Spirit gum is funny stuff. I believe it’s just pine tar in ethanol. It’s got to go back deep into theatrical history. A lot of the time, these chemical formulations are hit upon and they endure far past what ought to be a sensible time. For example, why are they still using gutta percha for root canals, instead of some kind of nice, neutral, gooey silicone? When I was doing wet plate photography, I made my own varnish the way they did in the 1860s, by dissolving gum sandarac (sandalwood tree sap) in everclear – you can’t buy process ethanol in Pennsylvania because of the stupid quakers – which I had to buy down in Maryland when I visited my parents. Anyhow, it was nice to smell spirit gum again, it’s been a while.


  1. MattP (must mock his crappy brain) says

    Common air filters are not HEPA.

    MERV (not to be confused with MIRV) is a rating of how well the filter can perform down to 0.3um, but the most common filters are MERV 9~12 which only go down to 1.0um and what you’ve got is MERV 11. There have been multiple independent efforts to insert pieces of MERV13+ filter into pockets in reusable cloth masks to improve their effectiveness, and I’m thinking there were some people working to make 3D printed cages/skeletons for the filter media with silicone/TPE edging to provide a proper seal on the face. One could probably print custom-fit half-face respirators and filter holders/cartridges, but haven’t looked to see if anyone has done that yet.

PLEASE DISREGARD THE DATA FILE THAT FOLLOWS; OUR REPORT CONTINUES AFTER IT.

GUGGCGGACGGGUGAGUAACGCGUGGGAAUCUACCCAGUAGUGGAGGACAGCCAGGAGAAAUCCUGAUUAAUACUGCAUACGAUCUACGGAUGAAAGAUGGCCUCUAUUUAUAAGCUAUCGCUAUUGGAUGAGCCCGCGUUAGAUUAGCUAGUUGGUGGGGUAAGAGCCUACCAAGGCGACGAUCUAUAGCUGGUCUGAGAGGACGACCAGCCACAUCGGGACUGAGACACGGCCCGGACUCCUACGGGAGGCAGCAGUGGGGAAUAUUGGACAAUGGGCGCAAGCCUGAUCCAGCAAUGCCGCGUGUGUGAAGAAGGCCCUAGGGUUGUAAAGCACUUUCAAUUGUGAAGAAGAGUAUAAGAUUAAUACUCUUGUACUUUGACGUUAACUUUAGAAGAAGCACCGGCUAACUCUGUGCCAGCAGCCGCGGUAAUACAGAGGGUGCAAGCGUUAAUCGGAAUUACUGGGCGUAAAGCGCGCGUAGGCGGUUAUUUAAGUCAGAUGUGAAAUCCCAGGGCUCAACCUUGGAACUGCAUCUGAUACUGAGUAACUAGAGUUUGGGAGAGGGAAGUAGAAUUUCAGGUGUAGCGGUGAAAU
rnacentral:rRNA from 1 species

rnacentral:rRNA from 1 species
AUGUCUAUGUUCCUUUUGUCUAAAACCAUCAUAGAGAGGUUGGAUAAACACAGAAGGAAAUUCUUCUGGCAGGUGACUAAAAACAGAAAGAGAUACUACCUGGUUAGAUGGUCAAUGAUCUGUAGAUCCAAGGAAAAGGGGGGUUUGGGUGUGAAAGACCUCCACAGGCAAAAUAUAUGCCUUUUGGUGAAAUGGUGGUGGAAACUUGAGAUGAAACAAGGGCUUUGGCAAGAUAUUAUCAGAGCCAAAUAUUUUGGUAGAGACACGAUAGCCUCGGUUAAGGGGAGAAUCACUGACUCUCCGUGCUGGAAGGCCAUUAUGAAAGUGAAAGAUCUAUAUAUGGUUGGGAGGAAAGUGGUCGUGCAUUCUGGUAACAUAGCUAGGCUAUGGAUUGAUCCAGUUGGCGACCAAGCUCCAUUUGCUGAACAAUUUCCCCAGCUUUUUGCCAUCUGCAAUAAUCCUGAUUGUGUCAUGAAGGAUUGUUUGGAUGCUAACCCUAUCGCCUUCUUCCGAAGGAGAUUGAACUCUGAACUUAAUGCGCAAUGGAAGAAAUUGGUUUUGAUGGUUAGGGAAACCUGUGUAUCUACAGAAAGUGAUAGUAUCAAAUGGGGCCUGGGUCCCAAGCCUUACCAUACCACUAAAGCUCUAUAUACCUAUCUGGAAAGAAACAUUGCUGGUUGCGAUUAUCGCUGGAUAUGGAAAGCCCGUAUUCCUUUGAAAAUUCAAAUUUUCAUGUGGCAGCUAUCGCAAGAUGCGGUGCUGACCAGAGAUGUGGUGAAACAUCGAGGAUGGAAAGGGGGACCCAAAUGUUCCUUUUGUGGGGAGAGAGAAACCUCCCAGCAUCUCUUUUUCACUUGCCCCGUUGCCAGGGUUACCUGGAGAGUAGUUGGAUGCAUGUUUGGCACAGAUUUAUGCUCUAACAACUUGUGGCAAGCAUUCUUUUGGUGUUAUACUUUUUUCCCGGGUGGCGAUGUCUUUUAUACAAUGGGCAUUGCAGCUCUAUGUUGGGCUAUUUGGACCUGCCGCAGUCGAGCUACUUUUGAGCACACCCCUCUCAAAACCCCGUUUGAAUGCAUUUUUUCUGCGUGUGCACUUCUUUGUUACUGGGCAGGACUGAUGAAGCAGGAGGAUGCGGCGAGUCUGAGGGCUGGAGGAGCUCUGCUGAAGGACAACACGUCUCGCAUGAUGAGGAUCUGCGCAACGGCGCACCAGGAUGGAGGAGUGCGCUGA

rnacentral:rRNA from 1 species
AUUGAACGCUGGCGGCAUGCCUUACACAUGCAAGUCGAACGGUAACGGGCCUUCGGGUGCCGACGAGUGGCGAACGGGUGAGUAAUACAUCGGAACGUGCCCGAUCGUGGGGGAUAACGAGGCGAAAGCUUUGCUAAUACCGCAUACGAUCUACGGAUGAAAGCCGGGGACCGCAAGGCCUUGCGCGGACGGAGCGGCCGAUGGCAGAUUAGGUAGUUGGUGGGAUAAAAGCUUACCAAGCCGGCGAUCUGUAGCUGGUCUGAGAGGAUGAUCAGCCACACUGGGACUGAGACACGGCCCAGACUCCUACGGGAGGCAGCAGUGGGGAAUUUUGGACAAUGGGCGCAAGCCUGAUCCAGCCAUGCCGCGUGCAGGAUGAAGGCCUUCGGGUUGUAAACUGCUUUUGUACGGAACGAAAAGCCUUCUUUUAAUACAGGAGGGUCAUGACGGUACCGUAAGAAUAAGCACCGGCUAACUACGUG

The comfy 3M half-face respirators with the bayonet/twist-on filter cartridges will already have electrostatic pleated filters with P95 or P100 rating if the cartridge is not meant exclusively for filtering chemical vapors, so adding a bit of flattened MERV11 in front of it won’t do much. Have been using a 3M 6200 half-face respirator equipped with N95 cartridges for several years when cutting grass, raking leaves, grinding, or welding as just a few minutes of mild exertion in cold dry air or heavy dust/smoke leads to several hours of wheezing and coughing with mucus filled lungs. Still not great for disease control as the one-way valves would not stop the user spreading anything they pick up elsewhere.